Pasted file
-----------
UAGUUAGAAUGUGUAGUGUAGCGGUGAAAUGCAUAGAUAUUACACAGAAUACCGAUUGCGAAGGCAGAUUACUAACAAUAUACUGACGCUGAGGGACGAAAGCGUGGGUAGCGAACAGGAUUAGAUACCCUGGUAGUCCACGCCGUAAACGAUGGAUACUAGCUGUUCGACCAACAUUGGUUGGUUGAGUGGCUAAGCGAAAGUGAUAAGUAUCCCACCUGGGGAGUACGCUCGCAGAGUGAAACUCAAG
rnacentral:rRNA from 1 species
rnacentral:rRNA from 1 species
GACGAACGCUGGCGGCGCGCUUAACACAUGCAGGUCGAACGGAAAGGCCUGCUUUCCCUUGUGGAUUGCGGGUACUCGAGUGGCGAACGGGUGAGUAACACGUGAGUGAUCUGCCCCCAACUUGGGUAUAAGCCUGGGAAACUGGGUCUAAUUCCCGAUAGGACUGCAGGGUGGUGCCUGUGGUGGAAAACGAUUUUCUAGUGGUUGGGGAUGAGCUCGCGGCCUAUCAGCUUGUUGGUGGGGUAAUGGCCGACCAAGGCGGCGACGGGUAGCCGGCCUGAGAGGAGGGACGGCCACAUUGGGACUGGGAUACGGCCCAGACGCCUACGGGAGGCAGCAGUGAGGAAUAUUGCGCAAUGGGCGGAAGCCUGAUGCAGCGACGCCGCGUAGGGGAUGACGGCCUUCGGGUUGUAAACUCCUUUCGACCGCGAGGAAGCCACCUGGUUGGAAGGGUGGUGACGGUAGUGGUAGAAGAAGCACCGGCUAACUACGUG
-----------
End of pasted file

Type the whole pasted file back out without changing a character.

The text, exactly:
UAGUUAGAAUGUGUAGUGUAGCGGUGAAAUGCAUAGAUAUUACACAGAAUACCGAUUGCGAAGGCAGAUUACUAACAAUAUACUGACGCUGAGGGACGAAAGCGUGGGUAGCGAACAGGAUUAGAUACCCUGGUAGUCCACGCCGUAAACGAUGGAUACUAGCUGUUCGACCAACAUUGGUUGGUUGAGUGGCUAAGCGAAAGUGAUAAGUAUCCCACCUGGGGAGUACGCUCGCAGAGUGAAACUCAAG
rnacentral:rRNA from 1 species
rnacentral:rRNA from 1 species
GACGAACGCUGGCGGCGCGCUUAACACAUGCAGGUCGAACGGAAAGGCCUGCUUUCCCUUGUGGAUUGCGGGUACUCGAGUGGCGAACGGGUGAGUAACACGUGAGUGAUCUGCCCCCAACUUGGGUAUAAGCCUGGGAAACUGGGUCUAAUUCCCGAUAGGACUGCAGGGUGGUGCCUGUGGUGGAAAACGAUUUUCUAGUGGUUGGGGAUGAGCUCGCGGCCUAUCAGCUUGUUGGUGGGGUAAUGGCCGACCAAGGCGGCGACGGGUAGCCGGCCUGAGAGGAGGGACGGCCACAUUGGGACUGGGAUACGGCCCAGACGCCUACGGGAGGCAGCAGUGAGGAAUAUUGCGCAAUGGGCGGAAGCCUGAUGCAGCGACGCCGCGUAGGGGAUGACGGCCUUCGGGUUGUAAACUCCUUUCGACCGCGAGGAAGCCACCUGGUUGGAAGGGUGGUGACGGUAGUGGUAGAAGAAGCACCGGCUAACUACGUG